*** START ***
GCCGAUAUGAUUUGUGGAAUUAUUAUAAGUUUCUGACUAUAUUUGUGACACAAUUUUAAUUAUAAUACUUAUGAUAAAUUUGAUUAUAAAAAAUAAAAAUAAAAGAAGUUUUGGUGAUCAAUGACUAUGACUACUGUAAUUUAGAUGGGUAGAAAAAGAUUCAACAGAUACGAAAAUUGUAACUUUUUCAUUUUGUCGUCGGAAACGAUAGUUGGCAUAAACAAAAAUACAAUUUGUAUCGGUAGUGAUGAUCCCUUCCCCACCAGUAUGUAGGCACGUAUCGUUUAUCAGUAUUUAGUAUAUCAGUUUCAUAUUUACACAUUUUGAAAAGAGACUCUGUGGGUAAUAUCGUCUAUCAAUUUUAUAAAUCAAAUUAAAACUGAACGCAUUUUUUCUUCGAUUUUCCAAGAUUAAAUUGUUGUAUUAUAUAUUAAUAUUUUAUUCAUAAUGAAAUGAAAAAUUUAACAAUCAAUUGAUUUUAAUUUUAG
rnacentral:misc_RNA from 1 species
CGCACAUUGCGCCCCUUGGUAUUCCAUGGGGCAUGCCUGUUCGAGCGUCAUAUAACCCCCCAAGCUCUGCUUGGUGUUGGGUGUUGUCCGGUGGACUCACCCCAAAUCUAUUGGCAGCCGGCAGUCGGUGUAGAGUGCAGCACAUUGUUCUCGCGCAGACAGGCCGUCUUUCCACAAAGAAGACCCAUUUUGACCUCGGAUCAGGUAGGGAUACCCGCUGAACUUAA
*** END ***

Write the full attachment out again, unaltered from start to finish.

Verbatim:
GCCGAUAUGAUUUGUGGAAUUAUUAUAAGUUUCUGACUAUAUUUGUGACACAAUUUUAAUUAUAAUACUUAUGAUAAAUUUGAUUAUAAAAAAUAAAAAUAAAAGAAGUUUUGGUGAUCAAUGACUAUGACUACUGUAAUUUAGAUGGGUAGAAAAAGAUUCAACAGAUACGAAAAUUGUAACUUUUUCAUUUUGUCGUCGGAAACGAUAGUUGGCAUAAACAAAAAUACAAUUUGUAUCGGUAGUGAUGAUCCCUUCCCCACCAGUAUGUAGGCACGUAUCGUUUAUCAGUAUUUAGUAUAUCAGUUUCAUAUUUACACAUUUUGAAAAGAGACUCUGUGGGUAAUAUCGUCUAUCAAUUUUAUAAAUCAAAUUAAAACUGAACGCAUUUUUUCUUCGAUUUUCCAAGAUUAAAUUGUUGUAUUAUAUAUUAAUAUUUUAUUCAUAAUGAAAUGAAAAAUUUAACAAUCAAUUGAUUUUAAUUUUAG
rnacentral:misc_RNA from 1 species
CGCACAUUGCGCCCCUUGGUAUUCCAUGGGGCAUGCCUGUUCGAGCGUCAUAUAACCCCCCAAGCUCUGCUUGGUGUUGGGUGUUGUCCGGUGGACUCACCCCAAAUCUAUUGGCAGCCGGCAGUCGGUGUAGAGUGCAGCACAUUGUUCUCGCGCAGACAGGCCGUCUUUCCACAAAGAAGACCCAUUUUGACCUCGGAUCAGGUAGGGAUACCCGCUGAACUUAA